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  • Posted April 5, 2024

It May Be Fine to Exercise During Long COVID

People with Long COVID might be able to exercise to improve their health, something that up to now has been discouraged, a new study suggests.

“The World Health Organization [WHO] and other major bodies have said that people with post-COVID should avoid intense exercise,” said lead researcher Andrea Tryfonos, a postdoctoral investigator with the Karolinska Institute in Sweden.

But the new findings show that Long COVID patients do just as well after exercise as healthy people, “even though they had more symptoms to begin with,” Tryfonos said in an institute news release. “By equally well, I mean that they did not worsen their symptoms or negatively affect their body during the 48 hours we observed them."

Early observations suggested that exercising with Long COVID could be harmful, researchers noted.

Folks with Long COVID often experience symptoms like extreme fatigue, shortness of breath, elevated heart rate and muscle weakness, and these are often exacerbated by exertion.

To see whether exercise helps or harms, researchers recruited 31 people with Long COVID and matched them to 31 healthy people.

All participants completed three different exercise sessions consisting of high-intensity interval training and moderate-intensity aerobic exercise -- both on an exercise bike – as well as strength training.

The sessions happened in random order a few weeks apart, researchers said.

All participants underwent a battery of medical exams before, immediately after and two days after the training sessions, to assess their symptoms and overall health.

“People with post-COVID had generally lower levels of fitness and muscle strength, which could be due to both the infection and lower activity,” Tryfonos said. “After two years of prolonged symptoms and being discouraged from exercising, it's not surprising that you have lost some of your work capacity."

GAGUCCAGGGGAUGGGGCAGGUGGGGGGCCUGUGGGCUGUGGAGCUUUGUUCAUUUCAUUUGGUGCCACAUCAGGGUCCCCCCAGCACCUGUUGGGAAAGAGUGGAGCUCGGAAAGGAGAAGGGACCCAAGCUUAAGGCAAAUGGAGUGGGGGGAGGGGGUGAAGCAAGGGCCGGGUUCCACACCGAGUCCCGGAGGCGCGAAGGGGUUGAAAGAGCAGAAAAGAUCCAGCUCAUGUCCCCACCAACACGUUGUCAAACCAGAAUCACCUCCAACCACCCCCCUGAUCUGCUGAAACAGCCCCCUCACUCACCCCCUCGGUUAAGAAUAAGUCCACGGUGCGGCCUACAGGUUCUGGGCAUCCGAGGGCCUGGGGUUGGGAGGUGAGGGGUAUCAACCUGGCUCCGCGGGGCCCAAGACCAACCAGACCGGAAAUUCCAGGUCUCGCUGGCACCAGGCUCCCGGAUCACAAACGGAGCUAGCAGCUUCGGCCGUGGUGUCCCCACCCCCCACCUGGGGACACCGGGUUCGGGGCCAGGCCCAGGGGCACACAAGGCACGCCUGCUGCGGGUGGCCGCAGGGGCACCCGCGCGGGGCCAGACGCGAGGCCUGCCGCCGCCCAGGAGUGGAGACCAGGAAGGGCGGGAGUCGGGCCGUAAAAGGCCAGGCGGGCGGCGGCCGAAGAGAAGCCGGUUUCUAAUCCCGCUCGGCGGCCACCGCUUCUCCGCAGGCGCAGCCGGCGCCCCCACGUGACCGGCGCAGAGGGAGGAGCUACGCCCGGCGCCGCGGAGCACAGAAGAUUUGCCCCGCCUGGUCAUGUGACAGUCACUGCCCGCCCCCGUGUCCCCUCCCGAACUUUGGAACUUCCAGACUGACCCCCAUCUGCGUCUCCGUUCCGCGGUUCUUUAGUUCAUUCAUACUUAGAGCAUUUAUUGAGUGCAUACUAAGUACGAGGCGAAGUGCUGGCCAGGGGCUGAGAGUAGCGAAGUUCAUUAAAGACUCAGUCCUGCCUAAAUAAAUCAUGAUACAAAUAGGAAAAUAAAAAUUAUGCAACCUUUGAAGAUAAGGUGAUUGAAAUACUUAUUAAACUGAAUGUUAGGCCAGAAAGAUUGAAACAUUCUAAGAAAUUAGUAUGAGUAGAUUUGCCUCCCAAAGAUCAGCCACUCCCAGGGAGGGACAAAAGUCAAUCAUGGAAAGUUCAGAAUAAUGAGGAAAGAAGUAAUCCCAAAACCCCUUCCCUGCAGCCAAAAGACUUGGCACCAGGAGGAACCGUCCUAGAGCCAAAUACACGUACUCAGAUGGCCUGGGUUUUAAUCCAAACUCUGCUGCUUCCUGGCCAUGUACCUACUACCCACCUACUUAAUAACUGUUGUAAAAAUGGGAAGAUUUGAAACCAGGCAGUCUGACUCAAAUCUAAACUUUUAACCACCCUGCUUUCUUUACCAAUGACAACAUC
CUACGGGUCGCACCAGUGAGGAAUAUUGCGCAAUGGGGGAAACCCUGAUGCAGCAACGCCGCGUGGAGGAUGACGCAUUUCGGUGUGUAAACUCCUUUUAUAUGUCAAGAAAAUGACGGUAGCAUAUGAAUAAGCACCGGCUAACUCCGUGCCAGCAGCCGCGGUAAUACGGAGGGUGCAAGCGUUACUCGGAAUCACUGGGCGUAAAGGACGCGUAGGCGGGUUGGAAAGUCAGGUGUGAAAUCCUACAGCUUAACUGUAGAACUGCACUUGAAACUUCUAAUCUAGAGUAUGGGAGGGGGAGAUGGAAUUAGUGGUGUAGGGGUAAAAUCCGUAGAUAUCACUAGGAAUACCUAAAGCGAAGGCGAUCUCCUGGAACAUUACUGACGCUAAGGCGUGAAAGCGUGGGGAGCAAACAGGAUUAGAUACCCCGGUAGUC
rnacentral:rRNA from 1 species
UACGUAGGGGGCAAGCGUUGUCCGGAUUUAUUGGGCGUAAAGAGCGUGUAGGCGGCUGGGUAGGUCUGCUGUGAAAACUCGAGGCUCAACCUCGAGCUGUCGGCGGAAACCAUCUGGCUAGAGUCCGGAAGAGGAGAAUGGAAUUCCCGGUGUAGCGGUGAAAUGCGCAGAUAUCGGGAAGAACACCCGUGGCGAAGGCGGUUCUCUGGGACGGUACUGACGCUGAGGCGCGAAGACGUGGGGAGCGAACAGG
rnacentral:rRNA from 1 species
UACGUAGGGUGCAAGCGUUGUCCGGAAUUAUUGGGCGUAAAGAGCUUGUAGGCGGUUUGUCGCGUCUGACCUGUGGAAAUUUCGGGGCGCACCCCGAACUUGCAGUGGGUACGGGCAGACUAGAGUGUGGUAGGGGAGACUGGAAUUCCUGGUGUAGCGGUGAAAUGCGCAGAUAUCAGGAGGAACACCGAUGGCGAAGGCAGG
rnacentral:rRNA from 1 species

As many of 62% of Long COVID patients also suffered from myopathy, a change in muscle tissue that leads to muscle weakness, results showed.

“This percentage is far too high to be explained by reduced activity alone. Therefore, we are currently analyzing the biopsies to see if we can explain the reason behind these muscle changes," Tryfonos said.

However, the results in general show that people with Long COVID could benefit from some exercise.

The new study was published April 4 in the journal JAMA Network Open.

“People with post-COVID should not be discouraged from exercising in general,” Tryfonos said. “Instead, under supervision, they should be encouraged to start with any kind of exercise they enjoy, at an appropriate level of course, and then slowly increase the intensity."

More information

The U.S. Centers for Disease Control and Prevention has more about Long COVID.

SOURCE: Karolinska Institute, news release, April 4, 2024 

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